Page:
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With National Socialism's arrival in Germany in 1933, Jews dominated music more than virtually any other sector, making it the most important cultural front in the Nazi fight for German identity. This groundbreaking book looks at the Jewish composers and musicians banned by the Third Reich and the consequences for music throughout the rest of the twentieth century. Because Jewish musicians and composers were, by 1933, the principal conveyors of Germany’s historic traditions and the ideals of German culture, the isolation, exile and persecution of Jewish musicians by the Nazis became an act of musical self-mutilation.
Michael Haas looks at the actual contribution of Jewish composers in Germany and Austria before 1933, at their increasingly precarious position in Nazi Europe, their forced emigration before and during the war, their ambivalent relationships with their countries of refuge, such as Britain and the United States and their contributions within the radically changed post-war music environment.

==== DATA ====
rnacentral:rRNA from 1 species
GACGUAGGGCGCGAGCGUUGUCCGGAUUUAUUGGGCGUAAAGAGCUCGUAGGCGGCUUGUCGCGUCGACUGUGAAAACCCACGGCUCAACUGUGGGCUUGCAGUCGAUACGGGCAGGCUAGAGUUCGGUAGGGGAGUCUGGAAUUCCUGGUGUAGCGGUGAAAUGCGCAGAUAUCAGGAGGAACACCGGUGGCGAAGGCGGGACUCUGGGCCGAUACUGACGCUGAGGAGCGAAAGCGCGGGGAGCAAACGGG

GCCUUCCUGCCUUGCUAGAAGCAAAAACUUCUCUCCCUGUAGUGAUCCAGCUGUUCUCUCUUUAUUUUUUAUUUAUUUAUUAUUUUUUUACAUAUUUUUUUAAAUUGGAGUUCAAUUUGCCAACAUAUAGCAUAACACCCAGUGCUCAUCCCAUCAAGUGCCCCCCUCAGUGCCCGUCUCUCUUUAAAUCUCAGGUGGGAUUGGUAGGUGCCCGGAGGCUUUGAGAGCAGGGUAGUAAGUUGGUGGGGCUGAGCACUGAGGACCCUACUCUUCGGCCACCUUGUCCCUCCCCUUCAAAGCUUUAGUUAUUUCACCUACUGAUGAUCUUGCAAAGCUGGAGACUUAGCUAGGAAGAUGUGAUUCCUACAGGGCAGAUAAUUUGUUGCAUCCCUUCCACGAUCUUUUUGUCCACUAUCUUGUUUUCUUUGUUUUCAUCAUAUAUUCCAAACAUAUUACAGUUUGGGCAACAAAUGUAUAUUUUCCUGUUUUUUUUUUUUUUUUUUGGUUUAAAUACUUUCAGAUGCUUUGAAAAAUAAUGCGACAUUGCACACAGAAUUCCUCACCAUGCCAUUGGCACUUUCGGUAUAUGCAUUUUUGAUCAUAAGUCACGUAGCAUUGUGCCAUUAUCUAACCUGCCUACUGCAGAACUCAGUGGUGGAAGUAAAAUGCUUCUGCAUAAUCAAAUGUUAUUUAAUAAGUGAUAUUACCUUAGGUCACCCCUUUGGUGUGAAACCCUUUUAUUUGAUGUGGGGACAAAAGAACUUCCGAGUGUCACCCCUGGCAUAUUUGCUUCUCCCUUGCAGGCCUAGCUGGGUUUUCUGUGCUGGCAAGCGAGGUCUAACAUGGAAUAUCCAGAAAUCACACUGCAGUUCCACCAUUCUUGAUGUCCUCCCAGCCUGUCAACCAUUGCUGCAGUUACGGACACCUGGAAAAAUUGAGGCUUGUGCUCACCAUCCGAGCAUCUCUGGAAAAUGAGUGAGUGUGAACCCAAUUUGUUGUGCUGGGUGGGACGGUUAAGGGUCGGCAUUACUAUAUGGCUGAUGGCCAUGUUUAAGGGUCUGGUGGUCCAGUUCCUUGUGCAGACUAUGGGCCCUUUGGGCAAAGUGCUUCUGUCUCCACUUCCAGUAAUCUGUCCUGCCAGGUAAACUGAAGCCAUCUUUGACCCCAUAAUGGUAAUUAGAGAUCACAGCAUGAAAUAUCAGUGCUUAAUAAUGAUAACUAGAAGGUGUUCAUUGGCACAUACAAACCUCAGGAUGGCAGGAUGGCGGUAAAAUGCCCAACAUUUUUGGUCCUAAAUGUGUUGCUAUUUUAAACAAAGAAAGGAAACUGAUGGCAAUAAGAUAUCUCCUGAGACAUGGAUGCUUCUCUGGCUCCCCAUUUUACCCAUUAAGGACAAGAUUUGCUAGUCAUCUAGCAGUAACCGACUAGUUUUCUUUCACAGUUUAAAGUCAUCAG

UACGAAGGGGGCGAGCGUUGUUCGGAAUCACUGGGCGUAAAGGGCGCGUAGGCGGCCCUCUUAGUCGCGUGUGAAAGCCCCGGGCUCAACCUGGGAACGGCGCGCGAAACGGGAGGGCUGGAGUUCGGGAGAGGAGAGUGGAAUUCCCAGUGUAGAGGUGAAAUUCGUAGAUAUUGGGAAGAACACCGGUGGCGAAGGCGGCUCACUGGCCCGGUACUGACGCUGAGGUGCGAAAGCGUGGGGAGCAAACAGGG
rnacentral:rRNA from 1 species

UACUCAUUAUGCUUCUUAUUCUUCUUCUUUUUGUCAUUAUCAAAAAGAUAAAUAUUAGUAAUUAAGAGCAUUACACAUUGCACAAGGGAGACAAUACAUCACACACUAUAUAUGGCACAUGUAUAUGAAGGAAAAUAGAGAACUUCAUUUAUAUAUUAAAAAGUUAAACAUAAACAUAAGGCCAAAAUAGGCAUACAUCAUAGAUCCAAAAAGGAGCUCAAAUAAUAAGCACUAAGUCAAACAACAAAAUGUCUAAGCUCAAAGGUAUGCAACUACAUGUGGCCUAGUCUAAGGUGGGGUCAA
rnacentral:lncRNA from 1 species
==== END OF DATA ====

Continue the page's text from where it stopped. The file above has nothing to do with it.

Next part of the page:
About Mr. Michael HaasSee more books from this Author
His chronicle is nonetheless a valuable compendium of untold stories, a corrective to standard histories of music and an essential reference point for anyone engaged in the culture and politics of the 20th century.Read Full Review of Forbidden Music: The Jewish C... | See more reviews from WSJ online
An important text whose...thorough research supplies some significant pages in the account of some of history’s darkest decades.Read Full Review of Forbidden Music: The Jewish C... | See more reviews from Kirkus
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